Climate change impacts countries around the world. The impacts of extreme weather events and slow-onset processes are felt from the local to the national level as they affect lives, livelihoods, ecosystems, and economic sectors. However, at the core, climate change is a global challenge that goes across and beyond national borders. While no country is immune against transboundary climate impacts and the resulting loss and damage, developing countries are often particularly vulnerable to unexpected shocks or scarcity.
Transboundary risks and impacts are felt in more than one country or outside national jurisdictions, for example in relation to the high seas, the atmosphere, or outer space (the global commons). They can be connected to natural transboundary systems—such as atmospheric systems, river systems, or wildlife corridors—or to human-made transboundary systems, such as trade flows, supply chains, communication systems, or human mobility streams, i.e., migration or cross-border displacement.
If a transboundary system is affected in one country, this is likely to lead to direct or indirect ripple effects in one or more other countries, which can cause cascading loss and damage, covariate scarcity of resources, or conflict. For example, drought can lead to water scarcity in downstream countries along the same riverine system, and food shortages in one country can lead to rising prices and scarcity in an entire region.
Such transboundary impacts are not limited to climate change, and other types of impacts can exacerbate climate-induced loss and damage or erode the coping capacities of affected communities. Air pollution, microplastics, infectious diseases, overuse of natural resources, disruptions to the financial system, damaged interconnected infrastructure, and energy scarcity all have the potential to severely impact multiple countries at the same time and affect communities and economic sectors in many places—for example, as seen with the tourism sector during the COVID-19 pandemic.
Human mobility is another aspect that requires transboundary management and cooperation, including for pastoralist and nomadic communities, but also in relation to labour migration or refugee streams. Similarly, natural ecosystems tend to stretch across national borders, and many species of wildlife regularly move between countries as they migrate or expand their habitats.
Given the fact that loss and damage is often connected to transboundary climate impacts or exacerbated by transboundary developments (such as global supply chain disruptions), there is a need to design and implement adaptation actions with such considerations in mind. This is especially important because transboundary risks are projected to increase across the water, energy, and food sectors, as highlighted in the recent Sixth Assessment Report published by the Intergovernmental Panel on Climate Change (IPCC).
Already, some measures to address risks and invest in long-term adaptation have transboundary components. For example, weather and climate observation systems often rely on the use of global commons and international cooperation to effectively collect and manage information, including the information used for early warning or the governance of shared natural resources. There is a range of transboundary approaches and instruments that could facilitate further cooperation, including bilateral or regional cooperation and exchange agreements, international legally binding instruments (for example, the new High Seas Treaty), regional risk pools, regional associations (such as the South Asian Association for Regional Cooperation), or global frameworks, including the United Nations Framework Convention on Climate Change (UNFCCC).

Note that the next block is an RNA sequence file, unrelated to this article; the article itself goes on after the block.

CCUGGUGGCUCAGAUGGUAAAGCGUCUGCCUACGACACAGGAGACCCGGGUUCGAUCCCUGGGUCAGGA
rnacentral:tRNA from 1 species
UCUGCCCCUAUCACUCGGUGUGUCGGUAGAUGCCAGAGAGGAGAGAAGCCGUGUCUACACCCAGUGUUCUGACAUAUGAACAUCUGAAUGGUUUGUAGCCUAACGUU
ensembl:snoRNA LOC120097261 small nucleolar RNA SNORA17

Today, adaptation is predominantly planned on the national level, then collated on the global level under the UNFCCC and the Paris Agreement, with a Global Goal on Adaptation currently being negotiated. The incorporation of transboundary aspects into climate change adaptation planning and implementation could be instrumental to more effectively addressing the impacts of climate change and prevent loss and damage that crosses national borders.
Measures to facilitate transboundary or regional adaptation planning could include shared information systems and databases; joint early warning systems; transboundary projects that target shared resources and ecosystems; the development of regional forums, platforms, or working groups; common climate modelling and risk assessments; valuation of non-economic loss and damage; better availability of data on human mobility; international standards for resilient infrastructure; regional climate education or training programmes; climate-resilient trade policies; shared disaster protocols; and exchange of genetic resources and technical knowledge on ecosystem-based adaptation.
Climate-vulnerable developing countries could benefit from transboundary adaptation by becoming more resilient against covariate, cascading, and unforeseen shocks; access additional knowledge, data, and resources; minimize conflict over transboundary issues, for example related to marine resources, the high seas, or plastic pollution; enhance disaster response and recovery; exploit economic opportunities; and strengthen corridors for migration and other forms of adaptive human mobility.
This blog post was originally published as a guest column in Daily Financial Times on May 13th, 2023, and is available here.
Dennis Mombauer currently lives in Colombo as a freelance writer and researcher on climate change and education. He focuses on ecosystem-based adaptation and sustainable urban development as well as on autism spectrum disorder in the field of education. Besides articles and research, he has published numerous works of fiction in German and English.